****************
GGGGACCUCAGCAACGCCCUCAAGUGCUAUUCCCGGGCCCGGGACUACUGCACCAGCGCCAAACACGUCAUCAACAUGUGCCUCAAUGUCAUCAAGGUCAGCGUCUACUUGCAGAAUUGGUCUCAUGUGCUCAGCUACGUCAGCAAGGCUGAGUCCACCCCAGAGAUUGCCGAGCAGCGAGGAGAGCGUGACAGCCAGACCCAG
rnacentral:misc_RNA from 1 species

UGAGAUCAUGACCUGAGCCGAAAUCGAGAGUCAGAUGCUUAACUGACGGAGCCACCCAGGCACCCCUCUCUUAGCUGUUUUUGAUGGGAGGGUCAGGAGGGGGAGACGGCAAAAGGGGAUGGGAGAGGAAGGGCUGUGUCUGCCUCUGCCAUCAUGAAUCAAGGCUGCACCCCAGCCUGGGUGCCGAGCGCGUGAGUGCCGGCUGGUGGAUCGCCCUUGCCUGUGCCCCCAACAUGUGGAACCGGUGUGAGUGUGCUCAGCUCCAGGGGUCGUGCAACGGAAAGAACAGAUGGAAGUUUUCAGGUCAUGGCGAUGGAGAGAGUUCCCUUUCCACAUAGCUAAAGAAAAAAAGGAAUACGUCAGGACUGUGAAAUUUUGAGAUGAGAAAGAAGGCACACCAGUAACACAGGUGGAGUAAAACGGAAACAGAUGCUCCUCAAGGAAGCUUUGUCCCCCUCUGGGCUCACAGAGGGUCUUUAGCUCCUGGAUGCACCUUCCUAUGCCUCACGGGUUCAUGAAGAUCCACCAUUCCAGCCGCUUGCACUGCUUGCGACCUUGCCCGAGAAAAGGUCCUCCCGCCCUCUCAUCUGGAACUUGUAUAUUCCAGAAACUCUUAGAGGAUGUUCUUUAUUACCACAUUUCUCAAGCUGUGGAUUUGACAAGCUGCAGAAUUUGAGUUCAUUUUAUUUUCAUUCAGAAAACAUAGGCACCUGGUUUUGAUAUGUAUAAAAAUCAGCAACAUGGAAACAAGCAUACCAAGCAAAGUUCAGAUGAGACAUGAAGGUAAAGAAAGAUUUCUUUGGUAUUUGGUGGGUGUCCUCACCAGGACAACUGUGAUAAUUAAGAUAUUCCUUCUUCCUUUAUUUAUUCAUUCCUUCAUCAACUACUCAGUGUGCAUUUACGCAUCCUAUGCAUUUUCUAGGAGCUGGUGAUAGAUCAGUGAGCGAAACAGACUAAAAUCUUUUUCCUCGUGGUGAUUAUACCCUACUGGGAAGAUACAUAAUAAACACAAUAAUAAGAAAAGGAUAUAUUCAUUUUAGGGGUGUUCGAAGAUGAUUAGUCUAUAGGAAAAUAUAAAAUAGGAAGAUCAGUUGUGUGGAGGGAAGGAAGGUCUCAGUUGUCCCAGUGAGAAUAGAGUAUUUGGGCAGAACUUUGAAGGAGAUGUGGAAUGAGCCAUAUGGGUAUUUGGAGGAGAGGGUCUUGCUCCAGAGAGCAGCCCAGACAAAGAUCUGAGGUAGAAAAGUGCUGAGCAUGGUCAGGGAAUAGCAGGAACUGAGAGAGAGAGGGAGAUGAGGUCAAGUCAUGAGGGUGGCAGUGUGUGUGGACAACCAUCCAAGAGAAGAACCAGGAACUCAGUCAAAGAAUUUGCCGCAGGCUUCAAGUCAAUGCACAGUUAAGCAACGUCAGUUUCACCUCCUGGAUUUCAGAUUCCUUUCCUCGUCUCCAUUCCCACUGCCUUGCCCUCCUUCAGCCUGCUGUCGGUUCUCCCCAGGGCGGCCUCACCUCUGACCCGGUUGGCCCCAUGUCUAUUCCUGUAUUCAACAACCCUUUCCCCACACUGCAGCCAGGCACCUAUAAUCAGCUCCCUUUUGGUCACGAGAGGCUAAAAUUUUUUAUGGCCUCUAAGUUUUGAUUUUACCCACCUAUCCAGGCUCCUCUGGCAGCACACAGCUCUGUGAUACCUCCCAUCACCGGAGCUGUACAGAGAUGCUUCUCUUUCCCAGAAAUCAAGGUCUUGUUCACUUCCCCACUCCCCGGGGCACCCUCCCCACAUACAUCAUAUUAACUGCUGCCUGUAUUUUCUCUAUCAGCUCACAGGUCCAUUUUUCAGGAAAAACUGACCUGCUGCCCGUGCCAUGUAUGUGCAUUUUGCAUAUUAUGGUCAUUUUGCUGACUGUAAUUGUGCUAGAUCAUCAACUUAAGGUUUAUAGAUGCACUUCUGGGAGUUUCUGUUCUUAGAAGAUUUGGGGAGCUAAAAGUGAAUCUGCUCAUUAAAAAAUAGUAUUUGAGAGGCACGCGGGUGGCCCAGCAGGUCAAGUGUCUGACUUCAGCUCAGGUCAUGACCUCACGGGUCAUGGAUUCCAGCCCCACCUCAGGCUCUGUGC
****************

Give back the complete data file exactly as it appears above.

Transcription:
GGGGACCUCAGCAACGCCCUCAAGUGCUAUUCCCGGGCCCGGGACUACUGCACCAGCGCCAAACACGUCAUCAACAUGUGCCUCAAUGUCAUCAAGGUCAGCGUCUACUUGCAGAAUUGGUCUCAUGUGCUCAGCUACGUCAGCAAGGCUGAGUCCACCCCAGAGAUUGCCGAGCAGCGAGGAGAGCGUGACAGCCAGACCCAG
rnacentral:misc_RNA from 1 species

UGAGAUCAUGACCUGAGCCGAAAUCGAGAGUCAGAUGCUUAACUGACGGAGCCACCCAGGCACCCCUCUCUUAGCUGUUUUUGAUGGGAGGGUCAGGAGGGGGAGACGGCAAAAGGGGAUGGGAGAGGAAGGGCUGUGUCUGCCUCUGCCAUCAUGAAUCAAGGCUGCACCCCAGCCUGGGUGCCGAGCGCGUGAGUGCCGGCUGGUGGAUCGCCCUUGCCUGUGCCCCCAACAUGUGGAACCGGUGUGAGUGUGCUCAGCUCCAGGGGUCGUGCAACGGAAAGAACAGAUGGAAGUUUUCAGGUCAUGGCGAUGGAGAGAGUUCCCUUUCCACAUAGCUAAAGAAAAAAAGGAAUACGUCAGGACUGUGAAAUUUUGAGAUGAGAAAGAAGGCACACCAGUAACACAGGUGGAGUAAAACGGAAACAGAUGCUCCUCAAGGAAGCUUUGUCCCCCUCUGGGCUCACAGAGGGUCUUUAGCUCCUGGAUGCACCUUCCUAUGCCUCACGGGUUCAUGAAGAUCCACCAUUCCAGCCGCUUGCACUGCUUGCGACCUUGCCCGAGAAAAGGUCCUCCCGCCCUCUCAUCUGGAACUUGUAUAUUCCAGAAACUCUUAGAGGAUGUUCUUUAUUACCACAUUUCUCAAGCUGUGGAUUUGACAAGCUGCAGAAUUUGAGUUCAUUUUAUUUUCAUUCAGAAAACAUAGGCACCUGGUUUUGAUAUGUAUAAAAAUCAGCAACAUGGAAACAAGCAUACCAAGCAAAGUUCAGAUGAGACAUGAAGGUAAAGAAAGAUUUCUUUGGUAUUUGGUGGGUGUCCUCACCAGGACAACUGUGAUAAUUAAGAUAUUCCUUCUUCCUUUAUUUAUUCAUUCCUUCAUCAACUACUCAGUGUGCAUUUACGCAUCCUAUGCAUUUUCUAGGAGCUGGUGAUAGAUCAGUGAGCGAAACAGACUAAAAUCUUUUUCCUCGUGGUGAUUAUACCCUACUGGGAAGAUACAUAAUAAACACAAUAAUAAGAAAAGGAUAUAUUCAUUUUAGGGGUGUUCGAAGAUGAUUAGUCUAUAGGAAAAUAUAAAAUAGGAAGAUCAGUUGUGUGGAGGGAAGGAAGGUCUCAGUUGUCCCAGUGAGAAUAGAGUAUUUGGGCAGAACUUUGAAGGAGAUGUGGAAUGAGCCAUAUGGGUAUUUGGAGGAGAGGGUCUUGCUCCAGAGAGCAGCCCAGACAAAGAUCUGAGGUAGAAAAGUGCUGAGCAUGGUCAGGGAAUAGCAGGAACUGAGAGAGAGAGGGAGAUGAGGUCAAGUCAUGAGGGUGGCAGUGUGUGUGGACAACCAUCCAAGAGAAGAACCAGGAACUCAGUCAAAGAAUUUGCCGCAGGCUUCAAGUCAAUGCACAGUUAAGCAACGUCAGUUUCACCUCCUGGAUUUCAGAUUCCUUUCCUCGUCUCCAUUCCCACUGCCUUGCCCUCCUUCAGCCUGCUGUCGGUUCUCCCCAGGGCGGCCUCACCUCUGACCCGGUUGGCCCCAUGUCUAUUCCUGUAUUCAACAACCCUUUCCCCACACUGCAGCCAGGCACCUAUAAUCAGCUCCCUUUUGGUCACGAGAGGCUAAAAUUUUUUAUGGCCUCUAAGUUUUGAUUUUACCCACCUAUCCAGGCUCCUCUGGCAGCACACAGCUCUGUGAUACCUCCCAUCACCGGAGCUGUACAGAGAUGCUUCUCUUUCCCAGAAAUCAAGGUCUUGUUCACUUCCCCACUCCCCGGGGCACCCUCCCCACAUACAUCAUAUUAACUGCUGCCUGUAUUUUCUCUAUCAGCUCACAGGUCCAUUUUUCAGGAAAAACUGACCUGCUGCCCGUGCCAUGUAUGUGCAUUUUGCAUAUUAUGGUCAUUUUGCUGACUGUAAUUGUGCUAGAUCAUCAACUUAAGGUUUAUAGAUGCACUUCUGGGAGUUUCUGUUCUUAGAAGAUUUGGGGAGCUAAAAGUGAAUCUGCUCAUUAAAAAAUAGUAUUUGAGAGGCACGCGGGUGGCCCAGCAGGUCAAGUGUCUGACUUCAGCUCAGGUCAUGACCUCACGGGUCAUGGAUUCCAGCCCCACCUCAGGCUCUGUGC